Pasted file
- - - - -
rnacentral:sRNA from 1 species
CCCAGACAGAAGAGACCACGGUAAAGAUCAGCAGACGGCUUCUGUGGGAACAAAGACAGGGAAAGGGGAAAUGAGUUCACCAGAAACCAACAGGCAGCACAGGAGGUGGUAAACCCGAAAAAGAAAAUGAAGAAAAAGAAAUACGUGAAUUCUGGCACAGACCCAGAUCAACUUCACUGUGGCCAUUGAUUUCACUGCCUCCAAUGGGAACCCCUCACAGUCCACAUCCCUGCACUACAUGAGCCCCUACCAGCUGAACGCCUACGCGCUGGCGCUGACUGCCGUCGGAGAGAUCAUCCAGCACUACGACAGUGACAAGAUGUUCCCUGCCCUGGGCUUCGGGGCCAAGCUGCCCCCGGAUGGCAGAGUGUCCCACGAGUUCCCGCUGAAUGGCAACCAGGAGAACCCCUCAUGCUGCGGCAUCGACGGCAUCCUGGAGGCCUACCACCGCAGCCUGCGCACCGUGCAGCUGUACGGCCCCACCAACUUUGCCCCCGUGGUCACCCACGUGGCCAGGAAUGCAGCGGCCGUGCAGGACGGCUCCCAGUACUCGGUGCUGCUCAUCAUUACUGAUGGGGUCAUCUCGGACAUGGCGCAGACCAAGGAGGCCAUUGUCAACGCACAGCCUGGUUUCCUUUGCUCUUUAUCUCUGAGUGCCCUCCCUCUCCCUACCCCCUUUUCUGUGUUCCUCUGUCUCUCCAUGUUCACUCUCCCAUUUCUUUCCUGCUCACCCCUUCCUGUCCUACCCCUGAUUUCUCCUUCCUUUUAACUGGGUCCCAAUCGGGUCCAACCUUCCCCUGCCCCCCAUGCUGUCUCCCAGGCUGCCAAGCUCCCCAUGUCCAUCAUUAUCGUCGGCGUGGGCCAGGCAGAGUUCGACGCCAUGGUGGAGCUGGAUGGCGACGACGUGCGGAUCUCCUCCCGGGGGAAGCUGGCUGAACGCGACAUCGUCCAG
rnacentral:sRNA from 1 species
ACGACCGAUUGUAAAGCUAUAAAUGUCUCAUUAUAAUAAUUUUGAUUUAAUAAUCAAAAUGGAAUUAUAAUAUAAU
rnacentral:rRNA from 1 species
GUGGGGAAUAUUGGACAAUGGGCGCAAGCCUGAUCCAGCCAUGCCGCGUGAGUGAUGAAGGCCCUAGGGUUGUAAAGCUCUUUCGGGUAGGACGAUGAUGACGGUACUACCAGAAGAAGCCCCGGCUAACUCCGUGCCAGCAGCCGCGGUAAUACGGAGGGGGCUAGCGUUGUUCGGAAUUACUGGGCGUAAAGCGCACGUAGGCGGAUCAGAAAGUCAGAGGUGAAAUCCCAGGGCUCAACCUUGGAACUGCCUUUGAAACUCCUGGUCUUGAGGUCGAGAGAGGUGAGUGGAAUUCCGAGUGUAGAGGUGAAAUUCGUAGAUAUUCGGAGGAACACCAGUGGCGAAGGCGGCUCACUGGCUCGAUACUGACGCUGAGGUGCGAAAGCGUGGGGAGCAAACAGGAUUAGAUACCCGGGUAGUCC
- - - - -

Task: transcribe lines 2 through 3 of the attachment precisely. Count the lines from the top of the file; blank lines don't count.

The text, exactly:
CCCAGACAGAAGAGACCACGGUAAAGAUCAGCAGACGGCUUCUGUGGGAACAAAGACAGGGAAAGGGGAAAUGAGUUCACCAGAAACCAACAGGCAGCACAGGAGGUGGUAAACCCGAAAAAGAAAAUGAAGAAAAAGAAAUACGUGAAUUCUGGCACAGACCCAGAUCAACUUCACUGUGGCCAUUGAUUUCACUGCCUCCAAUGGGAACCCCUCACAGUCCACAUCCCUGCACUACAUGAGCCCCUACCAGCUGAACGCCUACGCGCUGGCGCUGACUGCCGUCGGAGAGAUCAUCCAGCACUACGACAGUGACAAGAUGUUCCCUGCCCUGGGCUUCGGGGCCAAGCUGCCCCCGGAUGGCAGAGUGUCCCACGAGUUCCCGCUGAAUGGCAACCAGGAGAACCCCUCAUGCUGCGGCAUCGACGGCAUCCUGGAGGCCUACCACCGCAGCCUGCGCACCGUGCAGCUGUACGGCCCCACCAACUUUGCCCCCGUGGUCACCCACGUGGCCAGGAAUGCAGCGGCCGUGCAGGACGGCUCCCAGUACUCGGUGCUGCUCAUCAUUACUGAUGGGGUCAUCUCGGACAUGGCGCAGACCAAGGAGGCCAUUGUCAACGCACAGCCUGGUUUCCUUUGCUCUUUAUCUCUGAGUGCCCUCCCUCUCCCUACCCCCUUUUCUGUGUUCCUCUGUCUCUCCAUGUUCACUCUCCCAUUUCUUUCCUGCUCACCCCUUCCUGUCCUACCCCUGAUUUCUCCUUCCUUUUAACUGGGUCCCAAUCGGGUCCAACCUUCCCCUGCCCCCCAUGCUGUCUCCCAGGCUGCCAAGCUCCCCAUGUCCAUCAUUAUCGUCGGCGUGGGCCAGGCAGAGUUCGACGCCAUGGUGGAGCUGGAUGGCGACGACGUGCGGAUCUCCUCCCGGGGGAAGCUGGCUGAACGCGACAUCGUCCAG
rnacentral:sRNA from 1 species